Today usability is a ubiquitous term used in human-computer interaction and commonly used without definition (Hertzum, 2010). The document ISO 9241-11 (1998) defines usability as: the extent to which a product can be used by specified users to achieve specified goals with effectiveness, efficiency and satisfaction in a specified context of use. Here effectiveness is defined as the accuracy and the completeness with which users achieve goals in particular environments; efficiency refers to the resources expended in relation to the accuracy and completeness of the goals achieved; and satisfaction is defined as the comfort and the acceptability of the system for its users and other people affected by its use. Nielsen (1993) also considered usability as a measurable construct, and identified five attributes: learnability, efficiency, memorability, errors, and satisfaction. Learnability refers to how easily novice users can learn a new system to reach a reasonable level of usage proficiency within a short time; efficiency means the expert user’s steady-state level of performance that can be obtained once the user has learned the system; memorability refers to how easy it is to remember the system without relearning it again when casual users return to the system after not using it for some time; errors are defined as actions that do not accomplish the desired goals when performing the specified tasks; satisfaction refers to how pleasant and satisfying it is for users to use the system. These definitions of usability have been the basis for many usability evaluation studies that try to find usability problems. In recent years, researchers and designers aim at a more holistic understanding and evaluation of user experience, beyond mere cognitive or ergonomic issues, for example enjoyment, pleasure, emotional and cultural aspects (Macaulay et al., 2006; Wright & McCarthy, 2004). Hertzum (2010) introduces 6 images of usability: universal usability (the systems can be used by everybody), situational usability (quality-in-use of a system in a specified situation with its users, tasks, and wider context of use), perceived usability (user’s subjective experience of a system based on his or her interaction with it), hedonic usability (joy of use), organizational usability (groups of people collaborating in an organizational setting), and cultural usability (usability has different meanings depending on the users’ cultural background).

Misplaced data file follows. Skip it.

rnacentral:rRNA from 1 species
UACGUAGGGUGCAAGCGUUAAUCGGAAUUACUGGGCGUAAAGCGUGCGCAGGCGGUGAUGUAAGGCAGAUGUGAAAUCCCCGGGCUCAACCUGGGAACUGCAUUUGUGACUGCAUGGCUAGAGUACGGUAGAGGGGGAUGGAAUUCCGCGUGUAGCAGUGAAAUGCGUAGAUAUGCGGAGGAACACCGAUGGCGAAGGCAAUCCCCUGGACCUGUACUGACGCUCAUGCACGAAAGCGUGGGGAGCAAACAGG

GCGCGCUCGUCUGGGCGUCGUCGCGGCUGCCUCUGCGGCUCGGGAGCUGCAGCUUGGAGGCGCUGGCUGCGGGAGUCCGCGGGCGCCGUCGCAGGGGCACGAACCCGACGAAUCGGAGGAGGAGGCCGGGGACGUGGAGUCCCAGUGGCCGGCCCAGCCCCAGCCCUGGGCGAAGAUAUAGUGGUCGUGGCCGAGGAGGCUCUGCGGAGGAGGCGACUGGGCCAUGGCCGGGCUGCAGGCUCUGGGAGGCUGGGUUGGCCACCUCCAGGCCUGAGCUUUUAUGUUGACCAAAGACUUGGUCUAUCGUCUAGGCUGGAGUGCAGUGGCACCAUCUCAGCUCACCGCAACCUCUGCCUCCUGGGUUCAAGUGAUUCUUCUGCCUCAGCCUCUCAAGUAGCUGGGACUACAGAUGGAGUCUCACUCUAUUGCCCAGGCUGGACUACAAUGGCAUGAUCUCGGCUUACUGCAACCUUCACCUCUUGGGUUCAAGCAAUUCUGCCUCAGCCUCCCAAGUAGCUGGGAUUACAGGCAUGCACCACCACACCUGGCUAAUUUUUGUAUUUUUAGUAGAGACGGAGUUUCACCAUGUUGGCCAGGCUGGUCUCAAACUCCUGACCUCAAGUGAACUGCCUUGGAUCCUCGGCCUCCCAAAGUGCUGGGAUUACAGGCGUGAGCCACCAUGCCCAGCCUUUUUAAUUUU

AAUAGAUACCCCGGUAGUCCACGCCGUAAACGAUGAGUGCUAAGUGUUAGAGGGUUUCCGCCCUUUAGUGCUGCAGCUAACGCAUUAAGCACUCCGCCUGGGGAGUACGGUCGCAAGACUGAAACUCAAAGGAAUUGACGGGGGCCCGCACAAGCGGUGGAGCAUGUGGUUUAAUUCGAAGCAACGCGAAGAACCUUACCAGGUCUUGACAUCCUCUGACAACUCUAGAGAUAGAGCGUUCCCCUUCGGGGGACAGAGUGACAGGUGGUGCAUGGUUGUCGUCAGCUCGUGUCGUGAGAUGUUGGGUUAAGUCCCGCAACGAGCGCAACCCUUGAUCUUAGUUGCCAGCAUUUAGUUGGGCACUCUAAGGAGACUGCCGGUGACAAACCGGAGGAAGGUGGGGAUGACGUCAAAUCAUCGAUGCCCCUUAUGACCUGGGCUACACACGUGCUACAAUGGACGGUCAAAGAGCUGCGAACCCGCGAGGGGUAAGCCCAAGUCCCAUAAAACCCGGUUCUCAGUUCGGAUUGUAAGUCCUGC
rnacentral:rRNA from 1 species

The term usability evaluation method was popularized by Gray and Salzman (1998). It refers to any method or technique that performs formative usability evaluation of a human-computer interaction design at any stage of the design’s development. Hilbert and Redmiles (2000, pp. 388) defined usability evaluation as “the act of measuring (or identifying potential issues affecting) usability attributes of a system or device with respect to particular users, performing particular tasks, in particular contexts.” The essential characteristic of usability evaluation methods is that every method, when applied to an interaction design, produces a list of potential usability problems as its output. Several methods, including cognitive walkthrough, heuristic evaluation, think aloud, interview, and experience prototyping have been developed and used broadly to discover usability problems (Andre et al., 2003; Buchenau & Fulton, 2000; Gray & Salzman, 1998).